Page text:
Male sex2262/4341 (52.1)1072/1897 (56.5)1190 /2444 (48.7))<0.0011.369 (1.214–1.545)
Multiple birth 1188/4341 (27.4)548/1897 (28.9)640/2444 (26.2)0.0481.145 (1.001–1.309)
IVF 793/4046 (19.6)357/1783 (20.0)436/2263 (19.3)0.5481.049 (0.897–1.226)
Antenatal steroids 3889/4341 (89.6)1694/1897 (89.3)2195 /2444 (89.8)0.5830.947 (0.778–1.151)
Complete antenatal steroids 2846/4341 (65.6)1242/1897 (65.5)1604/2444 (65.6)0.877
Outborn195/4341 (4.5)95/1897 (5)100/2444 (4.1)0.1481.232 (0.967–1.647)
Caesarean section2343/4341 (54)1043/1897 (55)1300 /2444 (53.2)0.2411.075 (0.953–1.212)
Chorioamnionitis1215/3078 (39.5)562/1397 (40.3)653/1681 (38.8)0.4371.032 (0.954–1.117)
Maternal hypertensive disorder 279/3085 (9)136/1394 (9.8)143/1691 (8.5)0.211.170 (0.915–1.497)
1 min Apgar score5 (4–7) a5 (4–7) b6 (4–7) c<0.001
5 min Apgar score 8 (7–9) d8 (6–8) e8 (7–9) f<0.001
CRIB score 4 (2–7) g5 (4–8) h4 (2–6) i<0.001
iMV 3746/4341 (86.3)1753/1897 (92.4)1993/2444 (81.5)<0.0012.755 (2.259–3.359)
HFOV 1209/4321 (28)856/1888 (45.3)353/2433 (14.5)<0.0014.887 (4.229–5.6489
Duration of iMV (hours) 440.73 (554.78)699.02 (677.1)242.42 (318.42)<0.001
nCPAP 3863/4333 (89.2)1670/1893 (88.2)2194/2440 (89.9)0.0740.840 (0.693–1.017)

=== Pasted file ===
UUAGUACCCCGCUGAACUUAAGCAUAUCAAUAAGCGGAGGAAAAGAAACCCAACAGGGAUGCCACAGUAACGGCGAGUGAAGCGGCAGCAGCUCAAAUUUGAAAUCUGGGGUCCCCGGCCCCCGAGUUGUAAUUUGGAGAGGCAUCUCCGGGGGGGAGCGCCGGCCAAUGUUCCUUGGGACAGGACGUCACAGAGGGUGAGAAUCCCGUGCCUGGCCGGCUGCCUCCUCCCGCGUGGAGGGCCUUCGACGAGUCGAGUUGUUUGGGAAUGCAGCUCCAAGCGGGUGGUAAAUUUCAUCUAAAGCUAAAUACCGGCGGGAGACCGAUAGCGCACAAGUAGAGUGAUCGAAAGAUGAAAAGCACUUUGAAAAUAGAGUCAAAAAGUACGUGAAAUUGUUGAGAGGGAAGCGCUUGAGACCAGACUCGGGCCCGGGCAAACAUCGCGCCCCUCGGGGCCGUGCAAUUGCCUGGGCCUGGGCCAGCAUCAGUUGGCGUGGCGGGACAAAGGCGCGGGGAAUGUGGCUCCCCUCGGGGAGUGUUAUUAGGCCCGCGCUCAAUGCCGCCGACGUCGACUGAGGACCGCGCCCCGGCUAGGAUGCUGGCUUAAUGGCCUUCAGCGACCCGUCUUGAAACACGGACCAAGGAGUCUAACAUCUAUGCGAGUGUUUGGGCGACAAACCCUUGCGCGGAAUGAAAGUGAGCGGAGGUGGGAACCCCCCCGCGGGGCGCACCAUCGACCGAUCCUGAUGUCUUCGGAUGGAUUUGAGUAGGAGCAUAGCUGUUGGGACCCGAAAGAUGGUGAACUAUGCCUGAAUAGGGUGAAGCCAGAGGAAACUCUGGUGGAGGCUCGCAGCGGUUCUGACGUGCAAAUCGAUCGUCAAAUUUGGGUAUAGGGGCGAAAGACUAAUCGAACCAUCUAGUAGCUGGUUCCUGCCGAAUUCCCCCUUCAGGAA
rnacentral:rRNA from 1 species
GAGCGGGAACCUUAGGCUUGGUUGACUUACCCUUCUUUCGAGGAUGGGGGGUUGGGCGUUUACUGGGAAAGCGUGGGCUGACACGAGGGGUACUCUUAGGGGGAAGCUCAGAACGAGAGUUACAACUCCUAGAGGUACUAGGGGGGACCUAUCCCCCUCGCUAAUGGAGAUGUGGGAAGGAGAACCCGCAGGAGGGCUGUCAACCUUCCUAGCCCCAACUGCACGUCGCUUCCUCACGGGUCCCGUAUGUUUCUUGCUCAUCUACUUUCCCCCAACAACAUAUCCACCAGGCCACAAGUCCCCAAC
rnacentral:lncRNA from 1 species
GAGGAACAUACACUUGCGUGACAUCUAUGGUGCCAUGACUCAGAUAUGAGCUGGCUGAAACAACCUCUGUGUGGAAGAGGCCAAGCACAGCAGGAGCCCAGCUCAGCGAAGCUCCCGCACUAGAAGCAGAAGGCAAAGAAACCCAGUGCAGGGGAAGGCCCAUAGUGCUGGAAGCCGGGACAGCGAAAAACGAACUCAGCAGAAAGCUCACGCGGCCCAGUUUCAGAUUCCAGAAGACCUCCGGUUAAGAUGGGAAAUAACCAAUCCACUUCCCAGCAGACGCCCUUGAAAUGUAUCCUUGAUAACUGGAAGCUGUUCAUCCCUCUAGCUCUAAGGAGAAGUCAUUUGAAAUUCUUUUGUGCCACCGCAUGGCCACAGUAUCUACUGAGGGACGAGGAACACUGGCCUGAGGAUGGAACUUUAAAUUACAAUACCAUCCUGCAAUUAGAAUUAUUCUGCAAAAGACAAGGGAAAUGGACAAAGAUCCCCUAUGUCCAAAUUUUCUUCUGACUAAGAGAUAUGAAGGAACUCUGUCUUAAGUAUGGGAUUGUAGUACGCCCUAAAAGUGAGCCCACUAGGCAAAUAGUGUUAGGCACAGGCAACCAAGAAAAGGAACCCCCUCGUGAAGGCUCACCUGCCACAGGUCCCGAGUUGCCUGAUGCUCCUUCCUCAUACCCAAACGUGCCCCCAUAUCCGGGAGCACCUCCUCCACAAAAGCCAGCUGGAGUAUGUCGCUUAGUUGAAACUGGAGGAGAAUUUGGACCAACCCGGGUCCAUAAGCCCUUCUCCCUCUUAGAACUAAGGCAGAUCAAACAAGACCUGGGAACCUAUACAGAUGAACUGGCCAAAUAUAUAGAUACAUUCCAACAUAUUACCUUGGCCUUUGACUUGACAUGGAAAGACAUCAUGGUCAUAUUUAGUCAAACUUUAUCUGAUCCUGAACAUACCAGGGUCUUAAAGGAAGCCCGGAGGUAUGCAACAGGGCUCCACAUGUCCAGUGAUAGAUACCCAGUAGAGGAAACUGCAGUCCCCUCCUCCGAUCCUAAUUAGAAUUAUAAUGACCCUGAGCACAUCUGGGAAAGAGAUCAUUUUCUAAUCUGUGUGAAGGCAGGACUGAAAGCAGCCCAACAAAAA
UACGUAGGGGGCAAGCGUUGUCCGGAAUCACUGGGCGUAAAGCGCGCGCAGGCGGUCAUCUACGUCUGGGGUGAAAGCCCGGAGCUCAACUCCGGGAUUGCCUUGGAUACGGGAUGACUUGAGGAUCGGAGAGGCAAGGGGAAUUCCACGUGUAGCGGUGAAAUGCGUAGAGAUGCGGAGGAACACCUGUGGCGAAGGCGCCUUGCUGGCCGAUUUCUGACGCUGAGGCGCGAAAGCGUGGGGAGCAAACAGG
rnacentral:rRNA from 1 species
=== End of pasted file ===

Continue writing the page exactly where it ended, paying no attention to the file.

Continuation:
nIPPV 2002/3473 (57.6))922/1521 (60.6)1080/1953 (55.3)0.0021.244 (1.086–1.426)
iNO 317/4136 (7.7%)253/1803 (14)64/2333 (2.7)<0.0015.787 (4.366–7.670)
Surfactant therapy3440/4333 (79.4)1624/1896 (85.7)1816/2437 (74.5)<0.0012.042 (1.744–2.390)
Prophylactic indomethacin 286/4335 (6.6)74/1983 (3.9)212/2442 (8.7)<0.0010.428 (0.326–0.562)
Postnatal systemic steroids 1177/4324 (27.2)851/1892 (45.0)326/2432 (13.4)<0.0015.281 (4.556–6.122)
Early onset sepsis 295/4326 (6.8)121/1887 (6.4)174/2439 (7.1)0.350.892 (0.701–1.134)
Late onset sepsis 2773/4339 (63)1405/1896 (74.1)1328/2443 (54.4)<0.0012.403 (2.110–2.736)
Inotropic therapy 1808/4139 (43.7)1016/1808 (56.3)792/2334(33.9)<0.0012.507 (2.209–2.845)
NEC 513/4341 (11.8)277/1897 (14.6)236/2444 (9.7)<0.0011.600 (1.329–1.925)
NEC surgery 379/4335 (8.7)209/1895 (11)170/2440 (7)<0.0011.655 (1.339–2.046)
PDA medical/surgical treatment2576/4268 (60.35) 1336/1869 (71.5)1240/2399 (51.7) <0.001 2.343 (2.060–2.664)
Major cerebral lesion 872/4341 (20.1)483/1897 (25.5)389/2444 (15.9)<0.0011.805 (1.554–2.096)
ROP surgery 674/4341 (15.5)405/1897 (21.3)269/2444 (11)<0.0012.195 (1.856–2.595)